On December 5, 2014 the Cyberlaw Clinic filed an amicus letter in the Supreme Court of California on behalf of Global Voices Advocacy and the Media Legal Defence Initiative in the case of Wineland-Thomson Adventures, Inc. v. Doe 1, No. S222624. In the brief, we argue that California’s anti -SLAPP law, Cal. Code Civ. P. § 425.16, should not allow a defamation plaintiff to survive a motion to strike if their complaint does not specify which statements on the defendant’s website they allege to be defamatory. The brief further argues that courts should not place a lower burden on defamation plaintiffs to prove a valid claim under anti-SLAPP law when suing anonymous online speakers. The amicus letter – a special form of brief allowed by the Supreme Court of California when they are considering taking on a case – demonstrates why the decision below can have particularly negative effects on independent online media operating internationally, who rely on Internet services in California to get their message out to the world.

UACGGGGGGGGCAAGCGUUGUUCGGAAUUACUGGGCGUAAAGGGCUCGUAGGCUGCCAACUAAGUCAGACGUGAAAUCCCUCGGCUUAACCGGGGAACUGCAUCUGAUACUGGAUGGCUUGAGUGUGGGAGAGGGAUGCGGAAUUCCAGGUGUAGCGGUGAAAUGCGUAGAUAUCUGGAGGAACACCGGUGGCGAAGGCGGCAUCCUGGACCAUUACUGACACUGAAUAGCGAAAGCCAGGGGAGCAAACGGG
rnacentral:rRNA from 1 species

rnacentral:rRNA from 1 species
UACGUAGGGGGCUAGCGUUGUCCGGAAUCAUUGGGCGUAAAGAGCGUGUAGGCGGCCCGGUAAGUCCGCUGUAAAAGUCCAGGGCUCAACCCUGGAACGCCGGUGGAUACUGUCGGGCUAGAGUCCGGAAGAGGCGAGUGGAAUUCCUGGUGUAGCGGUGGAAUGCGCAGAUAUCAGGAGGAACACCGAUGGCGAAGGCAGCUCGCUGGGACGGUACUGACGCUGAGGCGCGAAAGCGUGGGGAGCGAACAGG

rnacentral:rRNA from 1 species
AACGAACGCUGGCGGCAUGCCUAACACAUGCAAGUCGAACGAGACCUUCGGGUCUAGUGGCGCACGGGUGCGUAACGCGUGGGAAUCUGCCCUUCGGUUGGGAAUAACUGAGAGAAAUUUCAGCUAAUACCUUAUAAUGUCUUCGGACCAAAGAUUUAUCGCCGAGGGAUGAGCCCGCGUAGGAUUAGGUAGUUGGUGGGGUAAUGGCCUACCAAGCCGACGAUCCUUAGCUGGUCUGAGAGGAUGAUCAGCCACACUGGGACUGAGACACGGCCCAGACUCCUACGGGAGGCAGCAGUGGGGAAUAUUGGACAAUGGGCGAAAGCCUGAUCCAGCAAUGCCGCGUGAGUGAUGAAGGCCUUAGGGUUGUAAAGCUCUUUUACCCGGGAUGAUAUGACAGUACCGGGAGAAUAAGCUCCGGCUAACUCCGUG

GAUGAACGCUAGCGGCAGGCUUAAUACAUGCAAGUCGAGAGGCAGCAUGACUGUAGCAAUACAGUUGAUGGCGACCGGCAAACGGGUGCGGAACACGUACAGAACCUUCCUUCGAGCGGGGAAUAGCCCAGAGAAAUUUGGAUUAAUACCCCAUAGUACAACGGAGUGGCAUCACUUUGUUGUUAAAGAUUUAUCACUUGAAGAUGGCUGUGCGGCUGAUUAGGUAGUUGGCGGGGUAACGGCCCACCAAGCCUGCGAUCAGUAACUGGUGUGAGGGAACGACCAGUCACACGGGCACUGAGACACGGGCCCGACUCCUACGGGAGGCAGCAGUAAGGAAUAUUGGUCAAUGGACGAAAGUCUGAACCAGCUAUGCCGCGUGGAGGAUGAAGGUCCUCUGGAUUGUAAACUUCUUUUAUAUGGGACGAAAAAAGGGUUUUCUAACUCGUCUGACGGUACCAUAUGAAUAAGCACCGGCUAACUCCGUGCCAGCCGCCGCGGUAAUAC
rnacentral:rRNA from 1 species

Are you an activist artist? Wondering whether you can use someone else’s trademark in your work? The Cyberlaw Guide to Protest Art can help! #ArtLawActivism medium.com/@cyberlawclini… pic.twitter.com/84eZOmFr3D
What’s the difference between copyright and trademark? Find out what kind of legal protection suits your work with the Cyberlaw Guide to Protest Art! #ArtLawActivism medium.com/@cyberlawclini… pic.twitter.com/XEopg7GTLg